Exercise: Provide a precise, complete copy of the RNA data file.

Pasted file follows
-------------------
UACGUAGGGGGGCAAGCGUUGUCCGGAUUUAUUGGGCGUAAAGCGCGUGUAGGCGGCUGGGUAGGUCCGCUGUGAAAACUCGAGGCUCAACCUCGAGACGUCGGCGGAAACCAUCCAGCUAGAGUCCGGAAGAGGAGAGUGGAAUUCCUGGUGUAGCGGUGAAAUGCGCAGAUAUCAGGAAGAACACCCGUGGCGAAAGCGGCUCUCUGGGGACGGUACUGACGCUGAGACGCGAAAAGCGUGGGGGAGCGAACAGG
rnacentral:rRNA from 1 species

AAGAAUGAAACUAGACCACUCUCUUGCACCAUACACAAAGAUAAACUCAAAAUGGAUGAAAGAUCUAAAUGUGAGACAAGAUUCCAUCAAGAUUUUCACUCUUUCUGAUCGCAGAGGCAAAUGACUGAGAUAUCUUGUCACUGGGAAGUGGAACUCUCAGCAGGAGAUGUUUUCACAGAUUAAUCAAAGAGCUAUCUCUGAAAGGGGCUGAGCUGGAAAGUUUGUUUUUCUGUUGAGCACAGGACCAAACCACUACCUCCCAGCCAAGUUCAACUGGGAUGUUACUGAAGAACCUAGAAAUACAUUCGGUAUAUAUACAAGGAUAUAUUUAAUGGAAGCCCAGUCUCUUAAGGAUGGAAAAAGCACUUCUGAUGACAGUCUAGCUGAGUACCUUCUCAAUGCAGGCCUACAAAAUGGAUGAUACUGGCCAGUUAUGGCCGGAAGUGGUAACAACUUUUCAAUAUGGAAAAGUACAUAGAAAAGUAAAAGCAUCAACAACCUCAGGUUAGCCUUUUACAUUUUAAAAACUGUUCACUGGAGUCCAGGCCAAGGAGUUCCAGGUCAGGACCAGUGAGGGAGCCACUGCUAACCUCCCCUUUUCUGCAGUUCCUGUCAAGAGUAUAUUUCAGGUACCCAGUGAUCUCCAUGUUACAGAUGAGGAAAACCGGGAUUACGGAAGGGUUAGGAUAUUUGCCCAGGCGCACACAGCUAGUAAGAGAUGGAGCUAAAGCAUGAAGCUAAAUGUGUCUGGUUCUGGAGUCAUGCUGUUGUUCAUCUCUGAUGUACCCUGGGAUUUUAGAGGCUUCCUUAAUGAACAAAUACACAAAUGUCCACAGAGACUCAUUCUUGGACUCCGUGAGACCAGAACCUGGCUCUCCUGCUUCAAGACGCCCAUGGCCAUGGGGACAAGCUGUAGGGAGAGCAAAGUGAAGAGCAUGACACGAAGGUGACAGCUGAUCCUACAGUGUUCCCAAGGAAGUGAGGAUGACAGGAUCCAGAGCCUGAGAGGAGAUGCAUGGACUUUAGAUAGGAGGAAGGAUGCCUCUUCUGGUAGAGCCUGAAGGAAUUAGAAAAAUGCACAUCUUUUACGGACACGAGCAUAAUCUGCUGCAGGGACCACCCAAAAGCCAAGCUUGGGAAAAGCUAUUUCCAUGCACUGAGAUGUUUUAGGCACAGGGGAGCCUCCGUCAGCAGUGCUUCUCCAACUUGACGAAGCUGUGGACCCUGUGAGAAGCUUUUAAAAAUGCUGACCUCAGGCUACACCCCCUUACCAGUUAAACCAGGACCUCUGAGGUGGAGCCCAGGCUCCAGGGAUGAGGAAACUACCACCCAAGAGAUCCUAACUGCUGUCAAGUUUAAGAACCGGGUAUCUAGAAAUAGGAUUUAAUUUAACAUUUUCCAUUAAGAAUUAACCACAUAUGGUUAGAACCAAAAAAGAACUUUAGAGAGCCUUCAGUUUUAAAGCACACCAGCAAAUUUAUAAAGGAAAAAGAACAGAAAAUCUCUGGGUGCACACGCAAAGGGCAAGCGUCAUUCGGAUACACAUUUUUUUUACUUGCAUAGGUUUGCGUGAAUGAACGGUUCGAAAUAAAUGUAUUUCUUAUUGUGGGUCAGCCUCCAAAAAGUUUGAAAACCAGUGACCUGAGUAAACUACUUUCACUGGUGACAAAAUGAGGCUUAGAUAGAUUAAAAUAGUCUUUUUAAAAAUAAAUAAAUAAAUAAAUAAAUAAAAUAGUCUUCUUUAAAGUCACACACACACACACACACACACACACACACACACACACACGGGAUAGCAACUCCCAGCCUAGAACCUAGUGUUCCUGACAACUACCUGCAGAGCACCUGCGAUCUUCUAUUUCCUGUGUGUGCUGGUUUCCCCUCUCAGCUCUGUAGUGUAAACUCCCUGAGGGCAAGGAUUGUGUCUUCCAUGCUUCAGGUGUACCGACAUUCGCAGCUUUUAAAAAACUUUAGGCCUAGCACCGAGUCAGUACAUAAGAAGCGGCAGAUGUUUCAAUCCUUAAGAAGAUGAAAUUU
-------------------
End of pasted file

UACGUAGGGGGGCAAGCGUUGUCCGGAUUUAUUGGGCGUAAAGCGCGUGUAGGCGGCUGGGUAGGUCCGCUGUGAAAACUCGAGGCUCAACCUCGAGACGUCGGCGGAAACCAUCCAGCUAGAGUCCGGAAGAGGAGAGUGGAAUUCCUGGUGUAGCGGUGAAAUGCGCAGAUAUCAGGAAGAACACCCGUGGCGAAAGCGGCUCUCUGGGGACGGUACUGACGCUGAGACGCGAAAAGCGUGGGGGAGCGAACAGG
rnacentral:rRNA from 1 species

AAGAAUGAAACUAGACCACUCUCUUGCACCAUACACAAAGAUAAACUCAAAAUGGAUGAAAGAUCUAAAUGUGAGACAAGAUUCCAUCAAGAUUUUCACUCUUUCUGAUCGCAGAGGCAAAUGACUGAGAUAUCUUGUCACUGGGAAGUGGAACUCUCAGCAGGAGAUGUUUUCACAGAUUAAUCAAAGAGCUAUCUCUGAAAGGGGCUGAGCUGGAAAGUUUGUUUUUCUGUUGAGCACAGGACCAAACCACUACCUCCCAGCCAAGUUCAACUGGGAUGUUACUGAAGAACCUAGAAAUACAUUCGGUAUAUAUACAAGGAUAUAUUUAAUGGAAGCCCAGUCUCUUAAGGAUGGAAAAAGCACUUCUGAUGACAGUCUAGCUGAGUACCUUCUCAAUGCAGGCCUACAAAAUGGAUGAUACUGGCCAGUUAUGGCCGGAAGUGGUAACAACUUUUCAAUAUGGAAAAGUACAUAGAAAAGUAAAAGCAUCAACAACCUCAGGUUAGCCUUUUACAUUUUAAAAACUGUUCACUGGAGUCCAGGCCAAGGAGUUCCAGGUCAGGACCAGUGAGGGAGCCACUGCUAACCUCCCCUUUUCUGCAGUUCCUGUCAAGAGUAUAUUUCAGGUACCCAGUGAUCUCCAUGUUACAGAUGAGGAAAACCGGGAUUACGGAAGGGUUAGGAUAUUUGCCCAGGCGCACACAGCUAGUAAGAGAUGGAGCUAAAGCAUGAAGCUAAAUGUGUCUGGUUCUGGAGUCAUGCUGUUGUUCAUCUCUGAUGUACCCUGGGAUUUUAGAGGCUUCCUUAAUGAACAAAUACACAAAUGUCCACAGAGACUCAUUCUUGGACUCCGUGAGACCAGAACCUGGCUCUCCUGCUUCAAGACGCCCAUGGCCAUGGGGACAAGCUGUAGGGAGAGCAAAGUGAAGAGCAUGACACGAAGGUGACAGCUGAUCCUACAGUGUUCCCAAGGAAGUGAGGAUGACAGGAUCCAGAGCCUGAGAGGAGAUGCAUGGACUUUAGAUAGGAGGAAGGAUGCCUCUUCUGGUAGAGCCUGAAGGAAUUAGAAAAAUGCACAUCUUUUACGGACACGAGCAUAAUCUGCUGCAGGGACCACCCAAAAGCCAAGCUUGGGAAAAGCUAUUUCCAUGCACUGAGAUGUUUUAGGCACAGGGGAGCCUCCGUCAGCAGUGCUUCUCCAACUUGACGAAGCUGUGGACCCUGUGAGAAGCUUUUAAAAAUGCUGACCUCAGGCUACACCCCCUUACCAGUUAAACCAGGACCUCUGAGGUGGAGCCCAGGCUCCAGGGAUGAGGAAACUACCACCCAAGAGAUCCUAACUGCUGUCAAGUUUAAGAACCGGGUAUCUAGAAAUAGGAUUUAAUUUAACAUUUUCCAUUAAGAAUUAACCACAUAUGGUUAGAACCAAAAAAGAACUUUAGAGAGCCUUCAGUUUUAAAGCACACCAGCAAAUUUAUAAAGGAAAAAGAACAGAAAAUCUCUGGGUGCACACGCAAAGGGCAAGCGUCAUUCGGAUACACAUUUUUUUUACUUGCAUAGGUUUGCGUGAAUGAACGGUUCGAAAUAAAUGUAUUUCUUAUUGUGGGUCAGCCUCCAAAAAGUUUGAAAACCAGUGACCUGAGUAAACUACUUUCACUGGUGACAAAAUGAGGCUUAGAUAGAUUAAAAUAGUCUUUUUAAAAAUAAAUAAAUAAAUAAAUAAAUAAAAUAGUCUUCUUUAAAGUCACACACACACACACACACACACACACACACACACACACACGGGAUAGCAACUCCCAGCCUAGAACCUAGUGUUCCUGACAACUACCUGCAGAGCACCUGCGAUCUUCUAUUUCCUGUGUGUGCUGGUUUCCCCUCUCAGCUCUGUAGUGUAAACUCCCUGAGGGCAAGGAUUGUGUCUUCCAUGCUUCAGGUGUACCGACAUUCGCAGCUUUUAAAAAACUUUAGGCCUAGCACCGAGUCAGUACAUAAGAAGCGGCAGAUGUUUCAAUCCUUAAGAAGAUGAAAUUU